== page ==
Not many more details but a great deal of speculation has emerged since the Government announced plans last week for a £140 a week flat-rate state pension.
Debate has focused on what will happen to those who have contracted out and those who have built up entitlements which would have seen them receive far more than £140.
A few commentators have suggested these added complications may undermine the move to a simplified system but this need not be the case.
It is likely that the Government will take into account the number of years contracted out or the sums accrued when calculating the flat-rate benefit. Similarly, there is likely to be a system to boost the pensions of those who would have been entitled to more much than £140.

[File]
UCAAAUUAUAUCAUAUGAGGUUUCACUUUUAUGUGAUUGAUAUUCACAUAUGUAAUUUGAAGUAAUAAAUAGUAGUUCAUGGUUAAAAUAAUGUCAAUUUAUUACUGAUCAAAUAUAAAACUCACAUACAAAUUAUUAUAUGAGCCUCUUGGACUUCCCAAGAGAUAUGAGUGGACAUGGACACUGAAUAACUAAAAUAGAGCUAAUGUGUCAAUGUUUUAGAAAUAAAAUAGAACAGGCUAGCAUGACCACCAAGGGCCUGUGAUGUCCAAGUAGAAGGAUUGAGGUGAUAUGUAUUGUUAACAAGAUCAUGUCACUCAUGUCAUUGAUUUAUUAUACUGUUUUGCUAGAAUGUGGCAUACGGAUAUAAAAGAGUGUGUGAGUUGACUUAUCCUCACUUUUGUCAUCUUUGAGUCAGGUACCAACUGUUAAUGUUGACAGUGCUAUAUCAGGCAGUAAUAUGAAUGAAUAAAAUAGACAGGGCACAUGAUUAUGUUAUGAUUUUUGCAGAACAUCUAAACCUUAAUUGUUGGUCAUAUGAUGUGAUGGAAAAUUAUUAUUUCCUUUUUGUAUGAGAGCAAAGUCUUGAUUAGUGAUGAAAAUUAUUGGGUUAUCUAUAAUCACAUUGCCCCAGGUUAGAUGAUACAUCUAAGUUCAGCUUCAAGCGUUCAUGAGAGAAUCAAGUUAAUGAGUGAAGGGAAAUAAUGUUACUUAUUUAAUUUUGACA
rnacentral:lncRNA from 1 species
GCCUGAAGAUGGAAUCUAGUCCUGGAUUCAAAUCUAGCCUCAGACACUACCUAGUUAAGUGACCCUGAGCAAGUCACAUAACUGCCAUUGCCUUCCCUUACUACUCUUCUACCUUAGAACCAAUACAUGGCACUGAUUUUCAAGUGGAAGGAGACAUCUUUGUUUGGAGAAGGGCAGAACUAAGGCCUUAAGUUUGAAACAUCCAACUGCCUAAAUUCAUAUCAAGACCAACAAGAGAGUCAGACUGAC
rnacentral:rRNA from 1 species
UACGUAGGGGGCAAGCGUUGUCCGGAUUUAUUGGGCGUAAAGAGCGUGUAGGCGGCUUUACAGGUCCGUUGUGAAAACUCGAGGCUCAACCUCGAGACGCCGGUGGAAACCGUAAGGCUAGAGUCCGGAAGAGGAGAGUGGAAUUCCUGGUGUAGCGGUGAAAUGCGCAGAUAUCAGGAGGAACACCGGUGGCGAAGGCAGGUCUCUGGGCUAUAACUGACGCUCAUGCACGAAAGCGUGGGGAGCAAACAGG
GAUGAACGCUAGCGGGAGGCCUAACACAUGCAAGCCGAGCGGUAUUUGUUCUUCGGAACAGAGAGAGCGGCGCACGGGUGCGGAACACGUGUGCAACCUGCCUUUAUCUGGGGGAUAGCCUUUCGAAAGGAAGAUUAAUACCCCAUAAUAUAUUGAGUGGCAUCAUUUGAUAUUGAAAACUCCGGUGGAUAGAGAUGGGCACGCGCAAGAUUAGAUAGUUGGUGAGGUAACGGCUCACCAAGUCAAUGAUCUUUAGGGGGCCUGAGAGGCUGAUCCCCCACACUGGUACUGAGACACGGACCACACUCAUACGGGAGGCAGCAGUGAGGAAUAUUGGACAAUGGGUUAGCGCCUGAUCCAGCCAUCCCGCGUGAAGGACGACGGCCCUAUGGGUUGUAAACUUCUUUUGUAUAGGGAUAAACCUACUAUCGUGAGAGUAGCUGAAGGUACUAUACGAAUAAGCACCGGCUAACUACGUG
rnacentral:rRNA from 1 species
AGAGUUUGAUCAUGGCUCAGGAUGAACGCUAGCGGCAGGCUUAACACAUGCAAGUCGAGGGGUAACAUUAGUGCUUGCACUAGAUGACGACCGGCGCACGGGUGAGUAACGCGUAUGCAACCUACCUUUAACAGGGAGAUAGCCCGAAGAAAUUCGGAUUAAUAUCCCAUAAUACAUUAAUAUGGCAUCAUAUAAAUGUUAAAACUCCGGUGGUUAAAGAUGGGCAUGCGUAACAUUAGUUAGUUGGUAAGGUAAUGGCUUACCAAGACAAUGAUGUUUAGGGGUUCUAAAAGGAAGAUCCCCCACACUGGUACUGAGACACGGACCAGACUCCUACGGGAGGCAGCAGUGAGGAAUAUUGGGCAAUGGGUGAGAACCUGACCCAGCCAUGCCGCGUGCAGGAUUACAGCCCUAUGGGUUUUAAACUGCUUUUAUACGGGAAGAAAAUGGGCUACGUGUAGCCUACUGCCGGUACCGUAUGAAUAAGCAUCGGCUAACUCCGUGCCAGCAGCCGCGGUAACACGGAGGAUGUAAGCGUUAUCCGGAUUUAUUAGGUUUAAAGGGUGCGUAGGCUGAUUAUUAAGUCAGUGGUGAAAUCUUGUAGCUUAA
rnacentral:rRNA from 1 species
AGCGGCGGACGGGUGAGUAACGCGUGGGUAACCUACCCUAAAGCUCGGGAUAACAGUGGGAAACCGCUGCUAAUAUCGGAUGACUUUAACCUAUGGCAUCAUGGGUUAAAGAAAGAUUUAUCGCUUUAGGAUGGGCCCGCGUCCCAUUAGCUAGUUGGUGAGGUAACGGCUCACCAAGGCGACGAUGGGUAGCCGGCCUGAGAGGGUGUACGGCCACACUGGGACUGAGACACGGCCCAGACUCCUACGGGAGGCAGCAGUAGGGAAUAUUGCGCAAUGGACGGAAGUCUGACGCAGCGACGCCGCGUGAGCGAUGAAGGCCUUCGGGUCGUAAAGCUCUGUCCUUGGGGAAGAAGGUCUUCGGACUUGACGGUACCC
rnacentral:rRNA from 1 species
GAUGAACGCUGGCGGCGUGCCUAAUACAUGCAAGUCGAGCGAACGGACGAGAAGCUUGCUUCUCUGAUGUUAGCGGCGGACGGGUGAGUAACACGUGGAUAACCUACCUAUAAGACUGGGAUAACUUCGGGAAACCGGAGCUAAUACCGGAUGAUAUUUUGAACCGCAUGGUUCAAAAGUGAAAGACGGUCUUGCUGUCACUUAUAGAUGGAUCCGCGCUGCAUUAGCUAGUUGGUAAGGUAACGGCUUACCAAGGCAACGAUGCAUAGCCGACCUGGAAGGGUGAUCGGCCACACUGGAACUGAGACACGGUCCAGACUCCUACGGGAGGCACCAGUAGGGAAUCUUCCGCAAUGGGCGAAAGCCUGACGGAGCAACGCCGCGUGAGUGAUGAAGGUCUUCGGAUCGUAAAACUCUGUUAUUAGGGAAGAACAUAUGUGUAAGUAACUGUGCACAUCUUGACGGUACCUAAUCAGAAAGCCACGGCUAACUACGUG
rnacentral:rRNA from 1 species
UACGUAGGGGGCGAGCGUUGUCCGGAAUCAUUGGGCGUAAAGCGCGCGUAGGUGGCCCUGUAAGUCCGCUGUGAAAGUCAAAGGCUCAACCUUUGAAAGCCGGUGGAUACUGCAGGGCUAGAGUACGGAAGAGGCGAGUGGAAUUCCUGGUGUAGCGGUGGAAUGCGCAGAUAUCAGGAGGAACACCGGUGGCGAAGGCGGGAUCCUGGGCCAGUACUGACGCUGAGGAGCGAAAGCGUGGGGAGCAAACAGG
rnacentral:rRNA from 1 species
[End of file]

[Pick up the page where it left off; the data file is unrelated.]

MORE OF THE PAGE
The costs involved in introducing a flat-rate pension are considerable and the state pension age may rise faster than previously suggested. There will inevitably be winners and losers in terms of when it is introduced.
There are certainly hurdles to overcome but the benefits of a flat-rate pension are well worth it.
The Government ensured the details of the higher state pension were released before last week’s review of Nest and auto-enrolment was published. Nest’s possible interaction with mean-testing threatened to undermine the scheme before it began and the £140 a week flat-rate pension will act as a solid foundation needed to give Nest a chance to succeed. A simplified system, well understood by consumers, is likely to encourage more people to save.